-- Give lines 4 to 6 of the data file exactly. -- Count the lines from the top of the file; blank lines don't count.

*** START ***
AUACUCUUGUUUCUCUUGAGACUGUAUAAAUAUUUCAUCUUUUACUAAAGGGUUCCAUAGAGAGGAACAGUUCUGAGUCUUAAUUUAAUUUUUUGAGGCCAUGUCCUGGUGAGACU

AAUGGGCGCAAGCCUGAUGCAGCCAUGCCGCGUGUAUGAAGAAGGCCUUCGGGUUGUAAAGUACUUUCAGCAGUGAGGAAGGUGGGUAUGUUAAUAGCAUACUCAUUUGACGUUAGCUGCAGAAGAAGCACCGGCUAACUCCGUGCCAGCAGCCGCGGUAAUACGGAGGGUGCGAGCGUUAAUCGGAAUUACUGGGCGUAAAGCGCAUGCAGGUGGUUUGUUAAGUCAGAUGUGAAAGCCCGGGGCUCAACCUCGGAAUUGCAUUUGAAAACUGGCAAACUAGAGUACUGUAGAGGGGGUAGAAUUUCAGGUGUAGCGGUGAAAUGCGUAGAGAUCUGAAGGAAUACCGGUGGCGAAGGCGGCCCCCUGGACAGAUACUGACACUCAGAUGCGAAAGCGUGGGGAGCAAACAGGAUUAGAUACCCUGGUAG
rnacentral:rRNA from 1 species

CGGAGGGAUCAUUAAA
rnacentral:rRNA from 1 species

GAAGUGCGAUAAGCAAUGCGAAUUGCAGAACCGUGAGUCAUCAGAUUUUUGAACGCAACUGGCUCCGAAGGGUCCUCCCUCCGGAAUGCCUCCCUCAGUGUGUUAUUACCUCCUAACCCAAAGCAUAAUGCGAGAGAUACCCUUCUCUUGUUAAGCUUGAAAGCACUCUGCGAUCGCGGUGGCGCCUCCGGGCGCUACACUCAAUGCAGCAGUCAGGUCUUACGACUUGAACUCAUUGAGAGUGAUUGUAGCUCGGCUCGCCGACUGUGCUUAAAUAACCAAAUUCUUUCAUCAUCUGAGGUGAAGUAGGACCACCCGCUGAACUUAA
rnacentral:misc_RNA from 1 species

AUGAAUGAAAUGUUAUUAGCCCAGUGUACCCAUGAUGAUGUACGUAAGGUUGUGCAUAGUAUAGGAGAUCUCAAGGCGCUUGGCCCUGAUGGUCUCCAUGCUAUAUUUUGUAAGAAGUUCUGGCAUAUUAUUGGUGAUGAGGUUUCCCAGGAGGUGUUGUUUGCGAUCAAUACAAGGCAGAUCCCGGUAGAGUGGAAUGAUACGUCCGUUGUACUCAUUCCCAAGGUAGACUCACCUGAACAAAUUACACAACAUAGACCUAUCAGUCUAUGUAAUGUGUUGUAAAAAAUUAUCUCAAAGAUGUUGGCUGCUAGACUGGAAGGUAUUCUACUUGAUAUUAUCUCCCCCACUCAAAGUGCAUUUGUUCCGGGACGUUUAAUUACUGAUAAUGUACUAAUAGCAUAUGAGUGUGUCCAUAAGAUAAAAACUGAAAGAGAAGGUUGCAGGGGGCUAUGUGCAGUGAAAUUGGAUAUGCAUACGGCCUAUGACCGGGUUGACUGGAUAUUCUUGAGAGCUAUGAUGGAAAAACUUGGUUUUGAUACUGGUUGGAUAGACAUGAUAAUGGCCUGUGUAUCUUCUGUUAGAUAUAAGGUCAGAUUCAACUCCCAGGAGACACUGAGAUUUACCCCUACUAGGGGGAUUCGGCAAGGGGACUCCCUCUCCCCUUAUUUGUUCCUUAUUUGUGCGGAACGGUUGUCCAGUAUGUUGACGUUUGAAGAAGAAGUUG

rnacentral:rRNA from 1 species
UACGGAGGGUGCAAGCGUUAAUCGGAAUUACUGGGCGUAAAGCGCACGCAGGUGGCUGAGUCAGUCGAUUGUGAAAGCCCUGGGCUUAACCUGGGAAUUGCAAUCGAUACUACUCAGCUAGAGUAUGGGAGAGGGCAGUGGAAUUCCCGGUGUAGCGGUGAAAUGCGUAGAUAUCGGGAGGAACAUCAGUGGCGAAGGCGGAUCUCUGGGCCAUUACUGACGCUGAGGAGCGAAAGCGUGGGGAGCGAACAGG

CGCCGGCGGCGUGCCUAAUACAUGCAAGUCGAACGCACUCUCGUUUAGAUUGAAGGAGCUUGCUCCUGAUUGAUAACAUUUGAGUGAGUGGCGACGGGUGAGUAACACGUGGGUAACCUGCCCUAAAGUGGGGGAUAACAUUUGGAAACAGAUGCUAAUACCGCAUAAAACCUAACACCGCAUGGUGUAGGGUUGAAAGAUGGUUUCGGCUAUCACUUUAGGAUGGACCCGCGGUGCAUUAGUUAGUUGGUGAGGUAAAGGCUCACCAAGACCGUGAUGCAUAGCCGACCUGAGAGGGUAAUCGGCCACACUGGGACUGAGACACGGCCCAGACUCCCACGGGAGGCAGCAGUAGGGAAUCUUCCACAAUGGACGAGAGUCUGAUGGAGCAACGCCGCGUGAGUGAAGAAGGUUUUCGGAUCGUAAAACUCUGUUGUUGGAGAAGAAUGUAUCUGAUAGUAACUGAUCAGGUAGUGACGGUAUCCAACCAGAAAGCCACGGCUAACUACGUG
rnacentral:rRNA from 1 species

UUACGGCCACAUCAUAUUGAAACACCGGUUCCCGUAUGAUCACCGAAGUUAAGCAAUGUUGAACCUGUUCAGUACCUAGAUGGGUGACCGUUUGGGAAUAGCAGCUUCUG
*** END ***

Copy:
CGGAGGGAUCAUUAAA
rnacentral:rRNA from 1 species

GAAGUGCGAUAAGCAAUGCGAAUUGCAGAACCGUGAGUCAUCAGAUUUUUGAACGCAACUGGCUCCGAAGGGUCCUCCCUCCGGAAUGCCUCCCUCAGUGUGUUAUUACCUCCUAACCCAAAGCAUAAUGCGAGAGAUACCCUUCUCUUGUUAAGCUUGAAAGCACUCUGCGAUCGCGGUGGCGCCUCCGGGCGCUACACUCAAUGCAGCAGUCAGGUCUUACGACUUGAACUCAUUGAGAGUGAUUGUAGCUCGGCUCGCCGACUGUGCUUAAAUAACCAAAUUCUUUCAUCAUCUGAGGUGAAGUAGGACCACCCGCUGAACUUAA